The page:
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The spring garden is right on the verge of bursting into an astonishing riot of cherry blossoms, dogwood flowers, tulips, and azaleas. I can see the buds thickening and getting ready to burst into floral splendor!

However, before we get to that stage, let’s enjoy the first flowers of spring, the hellebores and jonquils/daffodils.

I planted 3 hellebores, (AKA lenten roses) the first autumn I moved to my current location, and they have putting down roots for more than ten years. It will surprise nobody that I bought the cheapest possible hellebores–a mysterious “grab bag” selection of whatever was left over at the seed company, and so it has been exciting to find out what color they are! One plant with lovely natural pink single blossoms (top) has grown into a superb specimen plant (it has flowered before and I have written about it in the past). The second plant (which is seen in the next two photos) is finally starting to bloom. It turns out that is has incredible double flowers which are a lovely caput mortuum purple color. Hellebores have beautiful subtle colors of pink, purple, cream, brown, and green in matte tones. Somehow they simultaneously look like the brown fallen leaves of the forest floor yet also like beautiful haunted wildflowers. The two I have make me think of an emperor’s blood when seen in the twilight or an underworld wedding or something. The third hellebore has still not bloomed…but is still alive so perhaps it is another exquisite earthen hue…only time will tell. Oh and also it seems like there are some hellebore seedlings soming along. I wonder about them too.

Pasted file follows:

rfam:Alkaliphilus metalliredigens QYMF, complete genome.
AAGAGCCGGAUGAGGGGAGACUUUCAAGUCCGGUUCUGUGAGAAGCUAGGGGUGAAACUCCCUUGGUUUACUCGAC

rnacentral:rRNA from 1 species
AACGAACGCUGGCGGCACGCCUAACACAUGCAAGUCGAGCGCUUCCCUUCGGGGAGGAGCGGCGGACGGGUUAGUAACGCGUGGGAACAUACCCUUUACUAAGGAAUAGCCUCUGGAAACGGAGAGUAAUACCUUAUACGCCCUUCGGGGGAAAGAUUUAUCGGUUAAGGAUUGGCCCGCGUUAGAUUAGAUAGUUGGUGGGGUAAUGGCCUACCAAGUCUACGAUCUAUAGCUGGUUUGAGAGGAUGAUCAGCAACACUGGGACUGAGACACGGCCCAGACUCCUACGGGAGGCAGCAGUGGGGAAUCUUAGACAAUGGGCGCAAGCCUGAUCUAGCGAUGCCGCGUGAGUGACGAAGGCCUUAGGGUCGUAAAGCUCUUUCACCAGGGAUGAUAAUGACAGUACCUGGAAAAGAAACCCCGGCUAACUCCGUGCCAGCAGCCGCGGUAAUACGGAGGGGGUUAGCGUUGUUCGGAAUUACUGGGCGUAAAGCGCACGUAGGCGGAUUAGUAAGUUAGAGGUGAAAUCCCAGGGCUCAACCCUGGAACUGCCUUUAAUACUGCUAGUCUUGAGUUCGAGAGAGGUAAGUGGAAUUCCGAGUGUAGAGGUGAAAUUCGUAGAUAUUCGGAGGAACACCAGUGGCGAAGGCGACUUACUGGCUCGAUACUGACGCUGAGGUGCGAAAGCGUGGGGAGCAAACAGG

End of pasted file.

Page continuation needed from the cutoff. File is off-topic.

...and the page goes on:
In addition to the hellebores, a jonquil/daffodil of subtle primrose yellow popped up this year. This was a real surprise since I planted such flowers five years ago and then gave up on them when nothing appeared. I wonder if there will be more next year. These flowers are a reminder of why gardening is so frustrating (because it requires ridiculous patience), but they are also a reminder of what makes gardening such a thrill (patience actually can be rewarded in the most beautiful ways). I wonder if there were other things I did ten years ago which will unexpectedly pay off or if some lovely disturbing poison flowers are all I can hope for.